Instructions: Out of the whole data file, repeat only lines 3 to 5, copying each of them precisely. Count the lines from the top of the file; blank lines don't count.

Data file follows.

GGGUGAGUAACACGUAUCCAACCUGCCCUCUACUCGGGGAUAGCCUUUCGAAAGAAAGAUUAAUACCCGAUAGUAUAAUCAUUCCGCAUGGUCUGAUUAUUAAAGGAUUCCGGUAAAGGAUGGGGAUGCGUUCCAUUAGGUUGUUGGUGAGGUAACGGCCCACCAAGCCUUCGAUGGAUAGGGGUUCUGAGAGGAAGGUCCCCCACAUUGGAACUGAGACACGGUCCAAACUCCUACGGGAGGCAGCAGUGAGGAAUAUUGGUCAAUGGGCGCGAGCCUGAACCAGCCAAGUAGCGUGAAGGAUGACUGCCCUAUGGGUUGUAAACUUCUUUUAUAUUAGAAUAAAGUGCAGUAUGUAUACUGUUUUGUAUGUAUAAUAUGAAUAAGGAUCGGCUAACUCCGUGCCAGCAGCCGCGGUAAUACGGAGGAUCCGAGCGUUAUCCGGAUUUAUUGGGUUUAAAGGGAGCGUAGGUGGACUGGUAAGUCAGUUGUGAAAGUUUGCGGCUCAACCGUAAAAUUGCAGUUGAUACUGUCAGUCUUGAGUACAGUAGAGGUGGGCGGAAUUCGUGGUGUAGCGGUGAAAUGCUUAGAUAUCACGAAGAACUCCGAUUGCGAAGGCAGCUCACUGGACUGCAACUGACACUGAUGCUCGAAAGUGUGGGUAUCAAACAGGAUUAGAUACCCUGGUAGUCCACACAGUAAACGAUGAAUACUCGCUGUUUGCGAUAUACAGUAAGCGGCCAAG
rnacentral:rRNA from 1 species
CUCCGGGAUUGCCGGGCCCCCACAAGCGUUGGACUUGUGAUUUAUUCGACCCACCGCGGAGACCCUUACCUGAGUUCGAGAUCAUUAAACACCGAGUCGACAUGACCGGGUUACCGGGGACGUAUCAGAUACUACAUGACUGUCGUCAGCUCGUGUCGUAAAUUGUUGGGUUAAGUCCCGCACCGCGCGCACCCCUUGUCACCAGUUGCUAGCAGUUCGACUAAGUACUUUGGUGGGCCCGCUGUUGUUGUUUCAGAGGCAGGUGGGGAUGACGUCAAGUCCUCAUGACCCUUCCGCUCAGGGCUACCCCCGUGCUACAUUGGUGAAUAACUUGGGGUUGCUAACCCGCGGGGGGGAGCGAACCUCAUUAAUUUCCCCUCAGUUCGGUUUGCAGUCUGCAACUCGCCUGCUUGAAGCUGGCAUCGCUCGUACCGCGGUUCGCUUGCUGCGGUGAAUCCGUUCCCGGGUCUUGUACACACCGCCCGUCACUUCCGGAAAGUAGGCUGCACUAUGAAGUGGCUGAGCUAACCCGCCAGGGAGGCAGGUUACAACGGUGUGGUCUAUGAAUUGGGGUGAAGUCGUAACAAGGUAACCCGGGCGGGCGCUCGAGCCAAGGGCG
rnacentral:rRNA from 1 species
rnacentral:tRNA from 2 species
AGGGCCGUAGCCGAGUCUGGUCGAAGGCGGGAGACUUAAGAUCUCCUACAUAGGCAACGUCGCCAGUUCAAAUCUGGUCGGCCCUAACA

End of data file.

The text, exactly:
CUCCGGGAUUGCCGGGCCCCCACAAGCGUUGGACUUGUGAUUUAUUCGACCCACCGCGGAGACCCUUACCUGAGUUCGAGAUCAUUAAACACCGAGUCGACAUGACCGGGUUACCGGGGACGUAUCAGAUACUACAUGACUGUCGUCAGCUCGUGUCGUAAAUUGUUGGGUUAAGUCCCGCACCGCGCGCACCCCUUGUCACCAGUUGCUAGCAGUUCGACUAAGUACUUUGGUGGGCCCGCUGUUGUUGUUUCAGAGGCAGGUGGGGAUGACGUCAAGUCCUCAUGACCCUUCCGCUCAGGGCUACCCCCGUGCUACAUUGGUGAAUAACUUGGGGUUGCUAACCCGCGGGGGGGAGCGAACCUCAUUAAUUUCCCCUCAGUUCGGUUUGCAGUCUGCAACUCGCCUGCUUGAAGCUGGCAUCGCUCGUACCGCGGUUCGCUUGCUGCGGUGAAUCCGUUCCCGGGUCUUGUACACACCGCCCGUCACUUCCGGAAAGUAGGCUGCACUAUGAAGUGGCUGAGCUAACCCGCCAGGGAGGCAGGUUACAACGGUGUGGUCUAUGAAUUGGGGUGAAGUCGUAACAAGGUAACCCGGGCGGGCGCUCGAGCCAAGGGCG
rnacentral:rRNA from 1 species
rnacentral:tRNA from 2 species